Drstratton - My Backyard Journey Journal

drstratton

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I do DL, but have a lot of ventilation, so haven’t had any problems. My sister has waay more chickens than I do and she just uses pine shavings and spot cleans once a day year-round. Keeps it dry, smelling just fine, and no problem with buildup.
Thank you! I know that I will probably keep what I'm using until the fall, unless I have issues with it. My husband has been planning to switch over to leaves in the fall, can't pass up free bedding! Hopefully with the ventilation we are adding we won't have any issues either!
 

drstratton

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Oops, I just read your post again. It seems you want to keep the Chantecler’s to breed for a meat chicken! Duh.... I’ll shut up now and go sit in my corner.....
I was just getting ready to clarify that, in your defense, I really didn't word it very well...you can come out of the corner...😂
 

drstratton

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I'll post you a video that should tell what materials I use. Please ignore my horrible video skills and weird voice...I've never gotten used to hearing myself on video and it horrifies me.

I use different materials as they come to hand...any vines or stalks I clean out of the garden get placed in there. These create air spaces to help composting later on when the DL gets deeper. Twigs, bark, small amounts of woody plant materials, leaves(the bulk of my materials are leaves but have found if you don't break those up with larger particles/materials that they will just mat down and mold in place...not a bad thing, but they are also not composting much), any kitchen scraps, garden scraps, flower or shrubbery trimmings, lawn debris, etc.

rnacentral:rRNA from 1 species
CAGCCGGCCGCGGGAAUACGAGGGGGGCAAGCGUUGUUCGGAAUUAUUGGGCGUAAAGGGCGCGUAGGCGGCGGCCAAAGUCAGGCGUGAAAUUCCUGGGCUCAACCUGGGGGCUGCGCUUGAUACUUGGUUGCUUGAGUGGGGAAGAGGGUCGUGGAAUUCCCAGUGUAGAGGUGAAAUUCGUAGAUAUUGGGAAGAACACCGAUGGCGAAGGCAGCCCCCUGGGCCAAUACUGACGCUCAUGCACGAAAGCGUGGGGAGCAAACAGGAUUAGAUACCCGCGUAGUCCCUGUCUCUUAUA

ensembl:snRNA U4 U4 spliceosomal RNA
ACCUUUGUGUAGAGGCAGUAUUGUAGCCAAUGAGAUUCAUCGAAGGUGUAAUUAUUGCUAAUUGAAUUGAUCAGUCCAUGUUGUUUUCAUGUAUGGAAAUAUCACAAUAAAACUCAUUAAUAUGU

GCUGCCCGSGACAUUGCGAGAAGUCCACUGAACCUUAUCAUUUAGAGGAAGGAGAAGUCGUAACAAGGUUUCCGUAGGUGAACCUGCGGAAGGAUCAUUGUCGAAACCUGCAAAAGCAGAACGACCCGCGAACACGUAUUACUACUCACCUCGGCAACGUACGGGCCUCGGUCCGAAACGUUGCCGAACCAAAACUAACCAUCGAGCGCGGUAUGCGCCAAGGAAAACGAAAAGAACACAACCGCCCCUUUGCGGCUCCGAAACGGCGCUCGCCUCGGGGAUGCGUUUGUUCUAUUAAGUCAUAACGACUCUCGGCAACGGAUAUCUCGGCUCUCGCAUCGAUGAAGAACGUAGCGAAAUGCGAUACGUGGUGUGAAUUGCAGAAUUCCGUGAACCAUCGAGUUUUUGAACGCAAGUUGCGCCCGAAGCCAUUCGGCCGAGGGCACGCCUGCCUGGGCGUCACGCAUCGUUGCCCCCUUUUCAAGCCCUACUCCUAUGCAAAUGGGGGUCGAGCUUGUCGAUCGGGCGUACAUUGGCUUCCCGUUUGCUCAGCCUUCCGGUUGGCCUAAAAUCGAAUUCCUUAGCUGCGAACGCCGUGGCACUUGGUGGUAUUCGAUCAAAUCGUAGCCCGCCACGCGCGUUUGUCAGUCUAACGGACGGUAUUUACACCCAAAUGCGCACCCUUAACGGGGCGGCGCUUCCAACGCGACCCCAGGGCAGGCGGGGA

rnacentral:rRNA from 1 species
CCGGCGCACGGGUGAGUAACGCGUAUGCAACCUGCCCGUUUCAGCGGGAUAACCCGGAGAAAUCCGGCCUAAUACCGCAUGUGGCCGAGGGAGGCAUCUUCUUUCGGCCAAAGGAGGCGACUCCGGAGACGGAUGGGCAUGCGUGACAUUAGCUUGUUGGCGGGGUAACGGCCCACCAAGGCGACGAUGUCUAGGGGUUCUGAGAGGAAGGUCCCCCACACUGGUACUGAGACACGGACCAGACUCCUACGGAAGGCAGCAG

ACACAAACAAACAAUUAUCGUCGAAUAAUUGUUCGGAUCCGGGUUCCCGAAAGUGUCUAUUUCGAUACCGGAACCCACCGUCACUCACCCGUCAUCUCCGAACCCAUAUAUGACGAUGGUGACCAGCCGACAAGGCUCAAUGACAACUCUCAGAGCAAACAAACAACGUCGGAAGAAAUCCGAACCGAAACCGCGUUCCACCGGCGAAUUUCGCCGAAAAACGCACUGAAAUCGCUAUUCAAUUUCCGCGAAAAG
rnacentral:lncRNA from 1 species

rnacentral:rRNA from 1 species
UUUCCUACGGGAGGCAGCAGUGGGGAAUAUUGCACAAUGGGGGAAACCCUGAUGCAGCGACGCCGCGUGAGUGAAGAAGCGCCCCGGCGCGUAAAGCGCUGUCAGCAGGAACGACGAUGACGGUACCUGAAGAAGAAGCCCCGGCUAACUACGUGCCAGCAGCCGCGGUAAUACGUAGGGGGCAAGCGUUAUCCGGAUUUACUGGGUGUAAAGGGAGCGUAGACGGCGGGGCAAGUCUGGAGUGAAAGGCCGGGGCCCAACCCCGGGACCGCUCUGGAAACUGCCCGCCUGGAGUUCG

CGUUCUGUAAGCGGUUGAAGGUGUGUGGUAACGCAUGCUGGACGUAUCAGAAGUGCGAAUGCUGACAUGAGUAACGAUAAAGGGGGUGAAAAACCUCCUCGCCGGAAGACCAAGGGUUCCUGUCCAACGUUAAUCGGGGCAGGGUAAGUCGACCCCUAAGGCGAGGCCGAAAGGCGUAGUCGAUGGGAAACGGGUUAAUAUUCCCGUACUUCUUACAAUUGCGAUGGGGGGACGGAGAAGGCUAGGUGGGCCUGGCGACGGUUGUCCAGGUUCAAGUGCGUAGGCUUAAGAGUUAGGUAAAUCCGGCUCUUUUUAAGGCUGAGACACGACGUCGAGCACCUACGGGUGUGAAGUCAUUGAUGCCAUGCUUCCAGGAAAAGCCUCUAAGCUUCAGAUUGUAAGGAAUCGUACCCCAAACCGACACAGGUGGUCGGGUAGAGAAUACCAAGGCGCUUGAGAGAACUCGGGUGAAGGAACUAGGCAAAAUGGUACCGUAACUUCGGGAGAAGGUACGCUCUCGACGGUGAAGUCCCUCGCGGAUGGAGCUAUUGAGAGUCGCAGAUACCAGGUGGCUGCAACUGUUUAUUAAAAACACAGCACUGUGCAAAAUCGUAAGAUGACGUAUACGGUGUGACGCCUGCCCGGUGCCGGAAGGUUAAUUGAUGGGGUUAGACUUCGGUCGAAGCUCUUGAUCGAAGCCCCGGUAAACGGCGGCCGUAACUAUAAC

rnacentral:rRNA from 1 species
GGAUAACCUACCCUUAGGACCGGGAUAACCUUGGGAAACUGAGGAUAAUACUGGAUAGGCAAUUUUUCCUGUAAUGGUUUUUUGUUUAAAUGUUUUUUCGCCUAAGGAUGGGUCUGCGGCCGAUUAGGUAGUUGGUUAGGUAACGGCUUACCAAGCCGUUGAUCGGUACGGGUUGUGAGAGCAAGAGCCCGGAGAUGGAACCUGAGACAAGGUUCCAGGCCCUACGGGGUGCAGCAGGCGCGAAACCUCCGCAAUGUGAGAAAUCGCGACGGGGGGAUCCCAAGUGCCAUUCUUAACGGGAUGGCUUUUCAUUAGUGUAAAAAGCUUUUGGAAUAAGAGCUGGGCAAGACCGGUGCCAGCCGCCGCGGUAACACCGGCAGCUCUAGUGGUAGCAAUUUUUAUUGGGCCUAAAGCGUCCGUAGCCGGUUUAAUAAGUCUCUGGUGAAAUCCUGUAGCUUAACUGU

It also helps if you have plenty of moisture in the mass...this speeds composting...but this also means you need plenty of passive air flow~fresh air in at the bottom, humidity out at the top. Can't have too much ventilation, I've found...the more the better, especially in the winter time.

In the video you'll see some pine shavings in the litter...these were from where I brooded some chicks in the coop and then they all got mixed in. Since then I no longer buy shavings but just use the coop's existing litter for the chicks. They get exposed to the flock's germs that way~in the absence of a broody mama to give them that exposure~and I don't have to buy shavings...haven't bought any for years now. I also don't brood chicks any longer, but give them to a broody hen to do it for me. This vid was shot in January, I do believe, but can't really remember...it may mention it.

Thank you so much! I will watch this with my husband tonight!
 

drstratton

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I'll post you a video that should tell what materials I use. Please ignore my horrible video skills and weird voice...I've never gotten used to hearing myself on video and it horrifies me.